Importance of GMAT for MBA
The GMAT is a crucial element in admissions decisions at top business schools. It is one of those exams that will influence your career trajectory for a considerable amount of time. It allows you to kick-start your career at a good pay scale and inculcates knowledge, confidence, and good habits that help you with an alternate career to fall back on—most of the B-schools trust and use the GMAT test to make admissions decisions. The GMAT is most widely trusted and used as an indicator of academic success in MBA and other graduate business degree programs. Nine out of Ten MBA admission decisions are made using a GMAT score.
Here are the qualitative value additions of the GMAT-
Confidence: It gives you confidence when applying for a business school or interviewing for a job.
Good habits: It is not just an exam of logic and knowledge but also diligence and perseverance. The practices developed during the preparation will go a long way, which will help you succeed in the rigorous MBA program and ensure your professional success.
Increased knowledge: The knowledge you gained while preparing for GMAT is something that no one can take away from you. It will remain with you for life.
A good GMAT score will help you get into your dream B-school and benefit you even after you have enrolled in your program. It is a test of your ability and reflects your diligence, focus, hard work and intellectual aptitude, which are valued immensely not just by B-schools but also by employers. Majority of the aspirants of MBA programs often think that the GMAT plays a crucial role in the admissions process to their dream B-school, but that is not true. It depends on where you will be applying. If you apply to an MBA program, you probably already know that the B-school admissions committee will look at various elements in your application. When applying to business school, one of the most critical factors is your score for the Graduate Management Admissions Test (GMAT), a standardized exam explicitly developed for business school applicants, intended to measure their capability to pursue an MBA program objectively. Not all B- schools place the same importance on the score. However, it is known that most of the top B-schools use the score to filter the applicants before closely looking at other parts of their application. It just means that they are required to make up for a good score in the rest of their profile. Candidates applying to such GMAT-heavy B- schools may consider retaking the test if they end up with a less desirable score to improve their admission chances and repeat if necessary.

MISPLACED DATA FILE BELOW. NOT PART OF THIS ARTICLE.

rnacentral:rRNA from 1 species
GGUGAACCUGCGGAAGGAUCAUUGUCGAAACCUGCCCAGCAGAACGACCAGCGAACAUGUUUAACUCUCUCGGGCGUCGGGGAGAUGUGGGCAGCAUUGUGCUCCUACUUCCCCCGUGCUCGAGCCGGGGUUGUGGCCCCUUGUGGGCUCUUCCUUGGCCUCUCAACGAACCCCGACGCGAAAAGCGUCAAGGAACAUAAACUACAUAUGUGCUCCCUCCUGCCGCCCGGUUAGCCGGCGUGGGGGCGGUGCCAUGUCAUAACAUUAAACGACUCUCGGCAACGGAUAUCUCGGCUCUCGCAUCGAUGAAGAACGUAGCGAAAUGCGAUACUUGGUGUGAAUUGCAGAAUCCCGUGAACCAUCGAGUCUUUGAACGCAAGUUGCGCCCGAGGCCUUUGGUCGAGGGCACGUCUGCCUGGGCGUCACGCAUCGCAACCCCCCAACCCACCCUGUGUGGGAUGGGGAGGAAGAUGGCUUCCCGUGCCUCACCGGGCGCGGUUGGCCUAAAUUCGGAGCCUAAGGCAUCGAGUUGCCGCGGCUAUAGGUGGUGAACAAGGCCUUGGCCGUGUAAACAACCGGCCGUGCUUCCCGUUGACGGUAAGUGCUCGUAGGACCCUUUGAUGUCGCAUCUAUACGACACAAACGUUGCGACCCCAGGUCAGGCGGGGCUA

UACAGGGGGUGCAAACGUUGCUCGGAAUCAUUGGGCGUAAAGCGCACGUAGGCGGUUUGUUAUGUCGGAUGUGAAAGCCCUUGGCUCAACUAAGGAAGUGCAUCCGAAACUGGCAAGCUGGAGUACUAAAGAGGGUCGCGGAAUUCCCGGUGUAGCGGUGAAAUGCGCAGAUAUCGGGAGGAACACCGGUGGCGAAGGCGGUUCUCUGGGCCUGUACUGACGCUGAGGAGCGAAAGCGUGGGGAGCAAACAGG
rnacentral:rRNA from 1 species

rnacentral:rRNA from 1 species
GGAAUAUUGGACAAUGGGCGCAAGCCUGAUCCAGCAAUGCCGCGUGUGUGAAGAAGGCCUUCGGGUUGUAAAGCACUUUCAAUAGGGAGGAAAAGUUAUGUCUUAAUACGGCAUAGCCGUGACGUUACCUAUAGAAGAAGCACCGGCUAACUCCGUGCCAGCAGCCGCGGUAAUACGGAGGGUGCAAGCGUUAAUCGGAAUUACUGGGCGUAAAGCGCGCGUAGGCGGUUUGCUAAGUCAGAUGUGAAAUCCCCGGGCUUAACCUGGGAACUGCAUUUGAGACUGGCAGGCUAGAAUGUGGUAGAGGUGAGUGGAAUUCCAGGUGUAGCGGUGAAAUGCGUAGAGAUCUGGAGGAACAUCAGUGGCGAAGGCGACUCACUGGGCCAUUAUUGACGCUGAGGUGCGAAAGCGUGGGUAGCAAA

On the other hand, plenty of other reputable B-schools see the score as a part of the application and mainly look for a well-rounded application. Candidates applying to these schools need not worry about their GMAT score and may consider other ways of boosting their profile instead of retaking the exam. Depending on your low- score and the schools you are targeting, if you are in a position to retake it, it may be a good idea. It is an expensive deal for sure, so weigh in your chances before taking it up.
If you decide to proceed with the original score, then focus on the overall quality of the program you want to get into. Figure out the school and its reputation in the business, look at its placement record. If the latter is good enough, which is the degree's purpose, then try and not assess it with the rankings.